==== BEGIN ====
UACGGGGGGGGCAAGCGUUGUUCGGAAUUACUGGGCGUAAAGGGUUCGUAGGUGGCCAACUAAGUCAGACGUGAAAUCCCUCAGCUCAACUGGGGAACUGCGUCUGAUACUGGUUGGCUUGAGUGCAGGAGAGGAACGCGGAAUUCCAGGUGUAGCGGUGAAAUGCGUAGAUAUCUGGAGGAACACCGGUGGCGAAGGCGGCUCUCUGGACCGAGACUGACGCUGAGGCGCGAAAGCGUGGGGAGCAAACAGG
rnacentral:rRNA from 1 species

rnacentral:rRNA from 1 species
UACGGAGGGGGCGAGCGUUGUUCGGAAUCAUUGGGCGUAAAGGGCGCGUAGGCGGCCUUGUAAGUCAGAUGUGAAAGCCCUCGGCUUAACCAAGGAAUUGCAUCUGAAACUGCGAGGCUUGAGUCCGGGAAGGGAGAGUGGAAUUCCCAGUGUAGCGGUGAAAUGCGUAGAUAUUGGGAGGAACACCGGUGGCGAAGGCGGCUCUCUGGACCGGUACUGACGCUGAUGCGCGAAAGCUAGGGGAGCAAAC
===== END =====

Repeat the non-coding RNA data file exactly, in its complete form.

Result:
UACGGGGGGGGCAAGCGUUGUUCGGAAUUACUGGGCGUAAAGGGUUCGUAGGUGGCCAACUAAGUCAGACGUGAAAUCCCUCAGCUCAACUGGGGAACUGCGUCUGAUACUGGUUGGCUUGAGUGCAGGAGAGGAACGCGGAAUUCCAGGUGUAGCGGUGAAAUGCGUAGAUAUCUGGAGGAACACCGGUGGCGAAGGCGGCUCUCUGGACCGAGACUGACGCUGAGGCGCGAAAGCGUGGGGAGCAAACAGG
rnacentral:rRNA from 1 species

rnacentral:rRNA from 1 species
UACGGAGGGGGCGAGCGUUGUUCGGAAUCAUUGGGCGUAAAGGGCGCGUAGGCGGCCUUGUAAGUCAGAUGUGAAAGCCCUCGGCUUAACCAAGGAAUUGCAUCUGAAACUGCGAGGCUUGAGUCCGGGAAGGGAGAGUGGAAUUCCCAGUGUAGCGGUGAAAUGCGUAGAUAUUGGGAGGAACACCGGUGGCGAAGGCGGCUCUCUGGACCGGUACUGACGCUGAUGCGCGAAAGCUAGGGGAGCAAAC